Re:Piano by Chad Lawson

40. Re:Piano by Chad Lawson

Chad Lawson re-imagines piano composition.

 

Disease by Beartooth

39. Disease by the Beartooth

With an interesting mix of hardcore, pop punk, and hard rock, Beartooth provided the most intriguing heavy music for my listening palate.

 

Black Panther Soundtrack

38. Black Panther: The Album by Kendrick Lamar and Various Artists

I haven’t seen the movie. Hopefully someday. But, the soundtrack is out of this world. Kendrick Lamar’s verse in “King’s Dead,” is probably the rap highlight of my year.

 

Lost Friends by Middle Kids

37. Lost Friends by Middle Kids

This debut shows the songwriting chops of this Australian band. I expect even better as this group matures.

 

Just For Us Francis and the Lights

36. Just for Us by Francis and the Lights

Francis masterfully blends electronic soundscapes with a soft, Peter Gabriel vibe. The syncopation in the eponymous track really grooves.

 

Noonday Dream by Ben Howard

35. Noonday Dream by Ben Howard

Noonday Dream is perhaps the most textured album of the year. Howard eschews catchy melodies for sonic viscosity, mostly successfully.

 

Bruises by Cary Brothers

34. Bruises by Cary Brothers

Cary Brothers hasn’t changed much since I saw him singing, “Blue Eyes,” during his cameo on Scrubs. But, I’m down with his chill, sing-songwriter vibe. So, never change, Cary?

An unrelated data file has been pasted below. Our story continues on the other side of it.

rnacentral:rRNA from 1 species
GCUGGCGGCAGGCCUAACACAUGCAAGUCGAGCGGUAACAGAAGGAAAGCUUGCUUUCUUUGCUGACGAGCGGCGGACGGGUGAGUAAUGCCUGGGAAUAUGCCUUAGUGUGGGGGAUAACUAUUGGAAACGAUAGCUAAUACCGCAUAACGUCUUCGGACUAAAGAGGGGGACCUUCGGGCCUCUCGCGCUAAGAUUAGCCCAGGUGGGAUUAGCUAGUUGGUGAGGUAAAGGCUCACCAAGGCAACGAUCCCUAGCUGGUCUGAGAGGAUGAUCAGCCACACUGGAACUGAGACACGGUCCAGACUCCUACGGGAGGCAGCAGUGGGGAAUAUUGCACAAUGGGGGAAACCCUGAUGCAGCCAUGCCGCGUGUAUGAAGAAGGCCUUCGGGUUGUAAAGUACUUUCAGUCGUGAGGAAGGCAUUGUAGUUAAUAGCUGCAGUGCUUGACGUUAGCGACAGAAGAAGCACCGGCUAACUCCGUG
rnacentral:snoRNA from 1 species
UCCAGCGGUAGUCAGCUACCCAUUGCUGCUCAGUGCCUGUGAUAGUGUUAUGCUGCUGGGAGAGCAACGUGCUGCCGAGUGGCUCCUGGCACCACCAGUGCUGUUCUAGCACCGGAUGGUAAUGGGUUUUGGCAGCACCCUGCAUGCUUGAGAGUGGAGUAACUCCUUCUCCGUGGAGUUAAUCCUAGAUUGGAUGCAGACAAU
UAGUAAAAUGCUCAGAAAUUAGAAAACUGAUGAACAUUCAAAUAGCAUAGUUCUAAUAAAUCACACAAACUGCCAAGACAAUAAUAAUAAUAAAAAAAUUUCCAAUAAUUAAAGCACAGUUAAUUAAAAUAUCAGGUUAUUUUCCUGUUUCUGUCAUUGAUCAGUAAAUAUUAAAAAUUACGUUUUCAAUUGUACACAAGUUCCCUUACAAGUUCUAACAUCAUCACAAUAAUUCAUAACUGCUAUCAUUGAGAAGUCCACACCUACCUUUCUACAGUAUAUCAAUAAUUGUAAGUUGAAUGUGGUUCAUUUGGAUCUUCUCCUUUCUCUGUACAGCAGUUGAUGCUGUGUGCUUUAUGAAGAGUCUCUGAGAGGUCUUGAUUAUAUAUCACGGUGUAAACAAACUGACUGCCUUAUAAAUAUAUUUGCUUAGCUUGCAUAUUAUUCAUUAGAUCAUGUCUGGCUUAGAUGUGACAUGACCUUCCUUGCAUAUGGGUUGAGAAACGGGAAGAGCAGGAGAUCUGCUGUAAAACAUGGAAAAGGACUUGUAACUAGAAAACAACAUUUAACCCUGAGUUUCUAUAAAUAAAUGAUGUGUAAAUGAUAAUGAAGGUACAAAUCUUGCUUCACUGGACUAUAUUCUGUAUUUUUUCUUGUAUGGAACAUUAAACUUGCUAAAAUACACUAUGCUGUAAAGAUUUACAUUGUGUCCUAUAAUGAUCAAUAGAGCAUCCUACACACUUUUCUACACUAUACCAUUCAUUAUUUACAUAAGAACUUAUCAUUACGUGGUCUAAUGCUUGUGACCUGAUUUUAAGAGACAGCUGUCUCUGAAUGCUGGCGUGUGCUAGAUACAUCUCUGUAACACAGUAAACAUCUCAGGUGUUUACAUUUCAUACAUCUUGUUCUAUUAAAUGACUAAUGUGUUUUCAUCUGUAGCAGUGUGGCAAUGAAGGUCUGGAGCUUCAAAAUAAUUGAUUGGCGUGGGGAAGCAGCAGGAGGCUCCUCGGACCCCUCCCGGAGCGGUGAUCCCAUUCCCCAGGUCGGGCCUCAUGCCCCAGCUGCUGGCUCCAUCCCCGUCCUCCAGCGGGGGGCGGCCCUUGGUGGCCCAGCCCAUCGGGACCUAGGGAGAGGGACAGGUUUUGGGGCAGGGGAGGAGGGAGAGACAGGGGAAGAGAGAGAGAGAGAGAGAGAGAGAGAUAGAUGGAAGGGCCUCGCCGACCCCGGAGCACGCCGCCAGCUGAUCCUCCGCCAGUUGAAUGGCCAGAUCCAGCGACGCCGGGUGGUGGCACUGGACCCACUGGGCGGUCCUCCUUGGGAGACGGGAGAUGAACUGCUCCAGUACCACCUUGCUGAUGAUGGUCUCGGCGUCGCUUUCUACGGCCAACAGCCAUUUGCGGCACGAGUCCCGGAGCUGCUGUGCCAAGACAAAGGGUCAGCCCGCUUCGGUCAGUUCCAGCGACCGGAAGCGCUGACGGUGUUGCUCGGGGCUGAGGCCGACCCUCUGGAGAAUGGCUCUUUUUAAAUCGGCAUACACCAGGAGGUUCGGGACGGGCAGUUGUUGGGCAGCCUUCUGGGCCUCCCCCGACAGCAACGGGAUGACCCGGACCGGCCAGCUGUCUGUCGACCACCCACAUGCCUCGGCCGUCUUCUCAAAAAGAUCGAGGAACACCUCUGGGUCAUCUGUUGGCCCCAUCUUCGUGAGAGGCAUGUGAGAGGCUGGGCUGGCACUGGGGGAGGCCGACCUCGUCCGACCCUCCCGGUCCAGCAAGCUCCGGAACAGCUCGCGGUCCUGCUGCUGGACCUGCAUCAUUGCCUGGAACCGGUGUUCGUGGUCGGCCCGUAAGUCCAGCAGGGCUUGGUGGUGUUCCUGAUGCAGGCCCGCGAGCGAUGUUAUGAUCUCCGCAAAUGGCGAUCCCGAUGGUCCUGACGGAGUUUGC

's Un-Insides by Sophie

33. OIL OF EVERY PEARL’S UN-INSIDES by SOPHIE

OIL OF EVERY PEARL’S UN-INSIDES glitches from song to song to create pop music that’s about as inaccessible as pop music could be while still classified as pop.

 

MxPx by MxPx

32. MxPx by MxPx

At this point, MxPx is a pure nostalgia play. That said, I’m down with Bremerton’s finest punk band. They can deliver to me the nostalgia any day.

 

Offerings by Typhoon

31. Offerings by Typhoon

Typhoon’s blend of indie rock and guitar riffs was a refreshing find in the late winter. Its moods kept the February chill at bay.

 

so sad so sexy by Lykke Li

30. so sad so sexy by Lykke Li

Lykke Li’s so sad so sexy has just enough melancholy to elevate a pop record to a more introspective and creative place.

 

Hell-On by Neko Case

29. Hell-On by Neko Case

Some might find Neko Case’s brand of eco-feminism to be a bit blunt, but I find Hell-On to be current, important, and enjoyable on the ears.

 

Fight the Good Fight by The Interrupters

28. Fight the Good Fight by The Interrupters

The Interrupters are fighting the good fight of keeping ska-punk halfway relevant. Fight the Good Fight is a bundle of energy with a particular focus on the downbeat.

 

Brighter Wounds by Son Lux

27. Brighter Wounds by Son Lux

I had the privilege of seeing Son Lux live this year. Their set was so tight, every cut, syncopated beat, and harmony properly in its place. Yelling the chorus of “Dream State” with the crowd was an out-of-body experience.

 

Providence Canyon by Brentt Cobb

26. Providence Canyon by Brent Cobb

Brent Cobb takes this year’s Chris Stapleton award for “real” country artist making “real” country music. You know, authentic AF, etc.

 

DROGAS WAVE by Lupe Fiasco

25. DROGAS WAVES by Lupe Fiasco

Lupe’s Food & Liquor was the first hip-hop album I listened to front-to-back. DROGAS WAVE is almost 2 hours long, but Lupe is woke as ever.

 

24. Baby Teeth by Dizzy

Dizzy is what would happen if CHVRCHES went downtempo and added a reverb-soaked guitar.

 

Cocoa Sugar by Young Fathers

23. Cocoa Sugar by Young Fathers